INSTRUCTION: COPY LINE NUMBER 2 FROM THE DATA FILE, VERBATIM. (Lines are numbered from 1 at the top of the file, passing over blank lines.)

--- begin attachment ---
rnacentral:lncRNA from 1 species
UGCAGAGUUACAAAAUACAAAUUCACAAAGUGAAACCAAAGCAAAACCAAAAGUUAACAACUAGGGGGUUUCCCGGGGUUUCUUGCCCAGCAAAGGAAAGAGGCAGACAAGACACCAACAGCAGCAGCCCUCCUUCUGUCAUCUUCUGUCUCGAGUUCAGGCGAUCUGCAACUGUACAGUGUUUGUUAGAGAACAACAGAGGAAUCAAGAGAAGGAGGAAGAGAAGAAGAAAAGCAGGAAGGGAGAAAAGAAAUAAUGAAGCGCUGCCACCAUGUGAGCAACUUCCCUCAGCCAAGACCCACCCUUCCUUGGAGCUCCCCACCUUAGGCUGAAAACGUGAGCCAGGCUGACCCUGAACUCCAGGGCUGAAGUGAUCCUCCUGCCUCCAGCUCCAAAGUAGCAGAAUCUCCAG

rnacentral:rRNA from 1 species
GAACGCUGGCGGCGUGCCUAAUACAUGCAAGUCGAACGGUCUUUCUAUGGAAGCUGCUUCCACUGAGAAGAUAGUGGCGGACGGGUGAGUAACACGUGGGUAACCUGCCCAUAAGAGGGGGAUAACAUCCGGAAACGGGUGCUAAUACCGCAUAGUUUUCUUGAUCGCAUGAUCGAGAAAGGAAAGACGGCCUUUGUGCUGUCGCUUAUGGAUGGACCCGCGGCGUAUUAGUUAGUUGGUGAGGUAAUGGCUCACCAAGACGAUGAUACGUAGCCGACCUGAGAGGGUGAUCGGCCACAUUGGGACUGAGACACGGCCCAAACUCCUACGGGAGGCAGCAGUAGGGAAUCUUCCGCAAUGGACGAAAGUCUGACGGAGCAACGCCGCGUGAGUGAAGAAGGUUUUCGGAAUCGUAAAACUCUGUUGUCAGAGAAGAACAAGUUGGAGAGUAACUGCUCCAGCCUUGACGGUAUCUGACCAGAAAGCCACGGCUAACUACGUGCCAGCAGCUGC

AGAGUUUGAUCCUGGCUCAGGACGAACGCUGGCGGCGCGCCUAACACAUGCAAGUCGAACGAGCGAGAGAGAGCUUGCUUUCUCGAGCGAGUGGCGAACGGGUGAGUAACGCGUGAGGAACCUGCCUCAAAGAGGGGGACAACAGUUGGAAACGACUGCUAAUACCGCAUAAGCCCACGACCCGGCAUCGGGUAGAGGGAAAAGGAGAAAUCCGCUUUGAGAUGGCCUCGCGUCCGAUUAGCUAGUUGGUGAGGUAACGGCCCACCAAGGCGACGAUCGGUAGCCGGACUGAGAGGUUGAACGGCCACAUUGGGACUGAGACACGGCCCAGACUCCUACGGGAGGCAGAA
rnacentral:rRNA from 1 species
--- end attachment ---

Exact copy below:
UGCAGAGUUACAAAAUACAAAUUCACAAAGUGAAACCAAAGCAAAACCAAAAGUUAACAACUAGGGGGUUUCCCGGGGUUUCUUGCCCAGCAAAGGAAAGAGGCAGACAAGACACCAACAGCAGCAGCCCUCCUUCUGUCAUCUUCUGUCUCGAGUUCAGGCGAUCUGCAACUGUACAGUGUUUGUUAGAGAACAACAGAGGAAUCAAGAGAAGGAGGAAGAGAAGAAGAAAAGCAGGAAGGGAGAAAAGAAAUAAUGAAGCGCUGCCACCAUGUGAGCAACUUCCCUCAGCCAAGACCCACCCUUCCUUGGAGCUCCCCACCUUAGGCUGAAAACGUGAGCCAGGCUGACCCUGAACUCCAGGGCUGAAGUGAUCCUCCUGCCUCCAGCUCCAAAGUAGCAGAAUCUCCAG